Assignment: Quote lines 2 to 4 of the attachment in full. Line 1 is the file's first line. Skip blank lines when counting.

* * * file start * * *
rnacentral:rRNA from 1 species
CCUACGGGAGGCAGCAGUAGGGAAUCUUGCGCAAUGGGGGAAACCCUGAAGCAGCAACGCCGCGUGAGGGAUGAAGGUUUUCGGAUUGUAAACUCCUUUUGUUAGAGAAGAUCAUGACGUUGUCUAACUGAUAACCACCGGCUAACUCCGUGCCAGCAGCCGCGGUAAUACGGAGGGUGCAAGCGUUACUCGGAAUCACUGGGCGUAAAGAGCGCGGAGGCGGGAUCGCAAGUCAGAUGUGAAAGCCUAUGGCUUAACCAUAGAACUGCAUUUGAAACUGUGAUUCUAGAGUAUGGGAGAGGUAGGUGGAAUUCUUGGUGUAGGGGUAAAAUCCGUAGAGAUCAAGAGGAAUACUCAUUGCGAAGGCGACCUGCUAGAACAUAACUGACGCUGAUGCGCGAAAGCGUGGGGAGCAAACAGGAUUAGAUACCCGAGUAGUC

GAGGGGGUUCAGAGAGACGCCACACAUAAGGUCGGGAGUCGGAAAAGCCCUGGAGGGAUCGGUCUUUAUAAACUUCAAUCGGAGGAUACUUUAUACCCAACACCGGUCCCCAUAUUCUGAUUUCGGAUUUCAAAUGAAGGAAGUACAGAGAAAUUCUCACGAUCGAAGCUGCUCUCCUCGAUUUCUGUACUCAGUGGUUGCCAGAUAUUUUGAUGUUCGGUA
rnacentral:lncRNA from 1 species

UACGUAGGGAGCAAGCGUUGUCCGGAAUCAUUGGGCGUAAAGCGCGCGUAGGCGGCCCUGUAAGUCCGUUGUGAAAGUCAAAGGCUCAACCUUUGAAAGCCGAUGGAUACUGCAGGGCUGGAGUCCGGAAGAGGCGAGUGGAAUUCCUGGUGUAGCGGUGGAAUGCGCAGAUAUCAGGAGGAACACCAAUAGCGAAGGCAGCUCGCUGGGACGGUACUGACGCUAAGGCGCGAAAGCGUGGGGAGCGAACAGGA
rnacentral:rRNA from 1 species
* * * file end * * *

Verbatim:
CCUACGGGAGGCAGCAGUAGGGAAUCUUGCGCAAUGGGGGAAACCCUGAAGCAGCAACGCCGCGUGAGGGAUGAAGGUUUUCGGAUUGUAAACUCCUUUUGUUAGAGAAGAUCAUGACGUUGUCUAACUGAUAACCACCGGCUAACUCCGUGCCAGCAGCCGCGGUAAUACGGAGGGUGCAAGCGUUACUCGGAAUCACUGGGCGUAAAGAGCGCGGAGGCGGGAUCGCAAGUCAGAUGUGAAAGCCUAUGGCUUAACCAUAGAACUGCAUUUGAAACUGUGAUUCUAGAGUAUGGGAGAGGUAGGUGGAAUUCUUGGUGUAGGGGUAAAAUCCGUAGAGAUCAAGAGGAAUACUCAUUGCGAAGGCGACCUGCUAGAACAUAACUGACGCUGAUGCGCGAAAGCGUGGGGAGCAAACAGGAUUAGAUACCCGAGUAGUC

GAGGGGGUUCAGAGAGACGCCACACAUAAGGUCGGGAGUCGGAAAAGCCCUGGAGGGAUCGGUCUUUAUAAACUUCAAUCGGAGGAUACUUUAUACCCAACACCGGUCCCCAUAUUCUGAUUUCGGAUUUCAAAUGAAGGAAGUACAGAGAAAUUCUCACGAUCGAAGCUGCUCUCCUCGAUUUCUGUACUCAGUGGUUGCCAGAUAUUUUGAUGUUCGGUA
rnacentral:lncRNA from 1 species